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Sunday, January 14, 2018


Yesterday, the citizens of Hawaii and Seoul received alert messages on their mobile phones advising them to seek shelter - the former from a missile heading their way, the latter from massive air pollution about to hit them the next day. As it turns out, the missile alert in Hawaii was a human error*, and light precipitations have kept - so far - Seoul's Air Quality Index way below the expected Airpocalypse.

Still. In both cases, a bad taste keeps lingering in the air:
  • The Hawaiian scare caused a panic wave across America that certainly helps reality sink in for many people who were not taking North Korea seriously, but also fuels the rhetoric of hardliners willing to strike Pyongyang as soon as possible (see "This time it's different").
  • The air actually tasted sour this morning in Seoul. And to add insult to injury, the official AQI measures were much lower than the ones reported by other sources. May have something to do with the fact that many of said measures are taken from the top of the capital's lungs (its mountains)...
So let's return to the DPRK, and put aside these Pyeongchang 2018 talks, or Trump's confirmation that he could end up palling around with KJU as easily as he does with other dictators. KIM Jong-un is still itching for a final test with a charged ICBM, and Donald Trump is still itching for action. 

Even the POTUS' putative envoy for South Korea, Victor CHA, 'courageously' took position in favor of strikes... while remaining in D.C., which probably explains why the US Embassy to Korea is still expecting its new boss.

'Could you be more specific, @VictorDCha? What do you mean by 'limited strikes' on North Korea? To achieve which goals, beyond scratching Trump's itch, and causing the destruction of Seoul?' (20171224 -

On Christmas Eve, Victor CHA tweeted 'Limited Strikes on North Korea Are Past Due', an hawkish piece by a retired US Navy Captain, David Allan Adams, known for his poor judgement - he was against the 2009 surge in Afghanistan, and the nuclear submarine he had in charge had an embarrassing accident. The US Naval Institute published this 10 years after rewarding Adams in a essay contest for his already evocative 'Preemption without Regime Change'. As we'll see, Adam's rationale is scarily cynical, but it's even scarier to know that the would-be Ambo to Korea supports it.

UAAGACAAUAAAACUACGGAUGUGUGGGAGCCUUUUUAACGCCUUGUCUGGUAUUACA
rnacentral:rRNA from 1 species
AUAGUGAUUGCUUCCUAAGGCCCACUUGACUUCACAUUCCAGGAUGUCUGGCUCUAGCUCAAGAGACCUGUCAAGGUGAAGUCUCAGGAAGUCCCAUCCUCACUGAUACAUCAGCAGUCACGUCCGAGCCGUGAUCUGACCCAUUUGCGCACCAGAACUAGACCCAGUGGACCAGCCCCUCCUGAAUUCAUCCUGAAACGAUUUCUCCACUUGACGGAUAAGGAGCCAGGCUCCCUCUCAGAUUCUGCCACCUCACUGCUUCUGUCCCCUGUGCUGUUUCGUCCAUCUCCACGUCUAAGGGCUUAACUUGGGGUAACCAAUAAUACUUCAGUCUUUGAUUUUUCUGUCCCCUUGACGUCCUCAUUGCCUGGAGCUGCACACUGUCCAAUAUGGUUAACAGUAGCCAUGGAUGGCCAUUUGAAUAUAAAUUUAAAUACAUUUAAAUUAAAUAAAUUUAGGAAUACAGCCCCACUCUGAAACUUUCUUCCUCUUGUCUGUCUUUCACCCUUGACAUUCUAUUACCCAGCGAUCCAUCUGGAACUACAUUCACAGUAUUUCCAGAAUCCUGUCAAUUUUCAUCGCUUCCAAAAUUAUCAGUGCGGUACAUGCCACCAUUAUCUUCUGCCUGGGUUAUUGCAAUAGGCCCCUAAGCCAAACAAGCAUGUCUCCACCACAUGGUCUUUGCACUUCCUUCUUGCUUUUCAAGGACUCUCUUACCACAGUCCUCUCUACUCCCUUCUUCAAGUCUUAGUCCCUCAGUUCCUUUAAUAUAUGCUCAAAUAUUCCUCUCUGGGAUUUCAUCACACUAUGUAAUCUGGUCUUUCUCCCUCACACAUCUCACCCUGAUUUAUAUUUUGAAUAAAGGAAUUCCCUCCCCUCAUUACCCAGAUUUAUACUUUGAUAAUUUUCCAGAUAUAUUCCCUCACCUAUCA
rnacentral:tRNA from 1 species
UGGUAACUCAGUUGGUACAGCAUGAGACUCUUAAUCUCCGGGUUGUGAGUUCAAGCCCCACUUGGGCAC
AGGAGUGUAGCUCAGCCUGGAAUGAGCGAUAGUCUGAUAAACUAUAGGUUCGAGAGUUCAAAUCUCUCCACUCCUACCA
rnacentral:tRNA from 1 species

Adams' 'escalate to deescalate' 'strategy' could be summed up by 'let's gamble that shithole peninsula right now, once and for all': 
'the only way to absolutely discern the true nature of North Korea’s provocative decisions may be to gauge the regime’s response to limited military action' (...) 'if a limited military move against North Korea prompts an irrational shelling of Seoul and a wider war on the peninsula, then it is better to find out sooner than later. The only thing worse than a devastating war on the Korean Peninsula today is a war against an irrationally behaving, nuclear-armed North Korea capable of demolishing Honolulu, Tokyo, and Tumon tomorrow'.
It was probably a good thing to relieve this guy from the command of that nuclear submarine. Adams doesn't seem to realize that even today, even regardless of nukes, the effects of 'a wider war on the peninsula' would not be limited to Korea. Maybe he never heard of a country named China. Maybe he believes that Tokyo can't be hit today. Maybe he realized only yesterday that Honolulu was only 20 minutes away. An eternity seen from Seoul (toasted within a minute), but not much considering the 38 minutes it took to cancel the false alert (not to mention the time to reach Trump on his golf course**).

Trump to KJU: 'Drop your weapons! Now! Er... let me rephrase that...' (KAL cartoon in The Economist - 20170902 -
So hold your breath.

And welcome to Season XII of this excuse for a blog.

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* by 'human error', I don't refer to any specific head of state, but to staffers who issued by mistake an alarm ubi et orbi during an innocent drill.
** as usual, the POTUS tweeted today that the buck didn't stop anywhere near him.

20180117 addendum - Seoul's official AQI website*** is misleading:
- bad air looks bright yellow instead of the advertised orange
- measures are 15-30% below rival estimates
- 30-80 is green and 'standard' here, but elsewhere, 50-100 is generally yellow and 'bad'

(20180117 -
 *** launched in 2009 - see "Clean Air @ Seoul"

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